You can dance, dance, and start a revolution in All Systems Dance: a grooving adventure game where you reprogram robots by shakin' it

The power of dance is potent—and as it turns out, is also a coding language. That's according to All Systems Dance, an up-and-coming dance battle adventure game featured in this year's PC Gaming Show.

"We have thought of everything, so that you never have to," declares a calm monotone advertisement from the sinister minds at Woosh, a dictatorial island megacorporation brainwashing its captive audience. Luckily, the resistance is here, and they're kinda gettin' sturdy with it. 

Describing itself as a "non-violent combat game", All Systems Dance is all about—well, dancing to defeat systems. Instead of turning Woosh's robots into scrap metal, you'll be dismantling them in dance-offs to get them on-side for the revolution. 

All Systems Dance looks like an interesting foray into the ever-present design question of "Hey, what if this game wasn't built around juggling combos and landing crits?" As much as I'm a fan of both those things, I'm also a fan of studios trying to buck all and any trends.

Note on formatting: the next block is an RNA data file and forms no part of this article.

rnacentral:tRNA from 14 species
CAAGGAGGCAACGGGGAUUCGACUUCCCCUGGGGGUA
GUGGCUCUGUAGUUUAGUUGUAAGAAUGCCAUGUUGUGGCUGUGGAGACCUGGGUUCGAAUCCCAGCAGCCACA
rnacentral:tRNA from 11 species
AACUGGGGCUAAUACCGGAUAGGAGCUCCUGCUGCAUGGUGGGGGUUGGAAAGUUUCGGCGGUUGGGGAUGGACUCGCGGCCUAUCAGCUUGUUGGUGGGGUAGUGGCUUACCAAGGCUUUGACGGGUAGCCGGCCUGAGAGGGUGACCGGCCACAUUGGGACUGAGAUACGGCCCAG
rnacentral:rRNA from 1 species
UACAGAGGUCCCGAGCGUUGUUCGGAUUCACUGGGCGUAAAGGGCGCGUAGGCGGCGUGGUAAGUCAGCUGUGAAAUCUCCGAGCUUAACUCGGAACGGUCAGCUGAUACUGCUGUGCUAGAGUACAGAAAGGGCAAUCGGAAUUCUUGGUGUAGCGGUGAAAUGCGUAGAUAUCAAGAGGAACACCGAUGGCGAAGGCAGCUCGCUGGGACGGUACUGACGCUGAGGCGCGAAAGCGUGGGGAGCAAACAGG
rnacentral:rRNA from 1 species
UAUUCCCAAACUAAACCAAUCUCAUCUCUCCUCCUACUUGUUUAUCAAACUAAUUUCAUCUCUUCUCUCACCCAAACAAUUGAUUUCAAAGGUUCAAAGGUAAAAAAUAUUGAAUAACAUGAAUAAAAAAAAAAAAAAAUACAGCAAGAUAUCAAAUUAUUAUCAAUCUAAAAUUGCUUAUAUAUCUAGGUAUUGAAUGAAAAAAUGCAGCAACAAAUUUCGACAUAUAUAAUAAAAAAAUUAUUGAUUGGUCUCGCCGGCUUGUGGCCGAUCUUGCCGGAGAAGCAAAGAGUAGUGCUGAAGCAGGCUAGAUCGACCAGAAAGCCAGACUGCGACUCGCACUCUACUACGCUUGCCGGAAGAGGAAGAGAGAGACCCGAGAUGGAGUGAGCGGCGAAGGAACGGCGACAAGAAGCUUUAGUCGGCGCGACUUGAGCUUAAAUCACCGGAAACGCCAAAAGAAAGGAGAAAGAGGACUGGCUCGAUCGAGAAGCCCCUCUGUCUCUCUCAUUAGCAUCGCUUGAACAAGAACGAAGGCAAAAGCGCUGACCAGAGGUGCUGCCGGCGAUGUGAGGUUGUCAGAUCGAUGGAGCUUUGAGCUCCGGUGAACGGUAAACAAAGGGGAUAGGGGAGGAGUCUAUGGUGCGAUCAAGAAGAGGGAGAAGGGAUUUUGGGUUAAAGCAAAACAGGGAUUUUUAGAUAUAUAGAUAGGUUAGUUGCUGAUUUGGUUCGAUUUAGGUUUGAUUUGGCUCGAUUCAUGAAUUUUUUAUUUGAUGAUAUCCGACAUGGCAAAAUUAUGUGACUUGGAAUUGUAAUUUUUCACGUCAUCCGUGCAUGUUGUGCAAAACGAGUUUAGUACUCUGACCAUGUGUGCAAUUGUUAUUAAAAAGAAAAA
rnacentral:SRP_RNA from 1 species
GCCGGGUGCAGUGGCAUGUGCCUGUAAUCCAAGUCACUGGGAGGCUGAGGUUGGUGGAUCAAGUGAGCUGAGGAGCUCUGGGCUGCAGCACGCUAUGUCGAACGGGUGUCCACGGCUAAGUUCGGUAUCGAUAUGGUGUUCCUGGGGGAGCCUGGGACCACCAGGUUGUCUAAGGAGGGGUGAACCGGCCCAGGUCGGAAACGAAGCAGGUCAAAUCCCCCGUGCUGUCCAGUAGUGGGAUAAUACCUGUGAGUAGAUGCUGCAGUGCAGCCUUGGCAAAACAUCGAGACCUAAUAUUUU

This isn't the first time developer Mighty Yell has tried to break the mould. This is the same studio that brought us The Big Con—a similarly non-violent game about the (slightly less wholesome) act of grifting to raise $100,000 for your mom's business. 

Back then, game designer Dave Proctor described the problem in some pretty evocative terms: "Games with guns don't bat an eye, but the moment you have to steal an old lady's wallet, people start to think maybe there's something wrong with you." Naturally, All Systems Dance is angling for a far more wholesome tune.

It's an interesting design challenge to tackle for sure—and it's a little too early to declare exactly how Mighty Yell will be pushing the boat out this time. Still, I like what I'm seeing. The artstyle's bright and colourful, like a blend of Jet Set Radio and Hi-Fi Rush, and the dancing animations are a bucket of fun. 

(Image credit: Mighty Yell)

How this all translates into gameplay, in my mind, will be the real kicker. Though I'm also on board for a chill, sea-faring experience of vibing the capitalist hellscape away. Sometimes a power fantasy is swinging a giant sword at god—other times, it's getting to groove through your problems.

Harvey Randall
Staff Writer

Harvey's history with games started when he first begged his parents for a World of Warcraft subscription aged 12, though he's since been cursed with Final Fantasy 14-brain and a huge crush on G'raha Tia. He made his start as a freelancer, writing for websites like Techradar, The Escapist, Dicebreaker, The Gamer, Into the Spine—and of course, PC Gamer. He'll sink his teeth into anything that looks interesting, though he has a soft spot for RPGs, soulslikes, roguelikes, deckbuilders, MMOs, and weird indie titles. He also plays a shelf load of TTRPGs in his offline time. Don't ask him what his favourite system is, he has too many.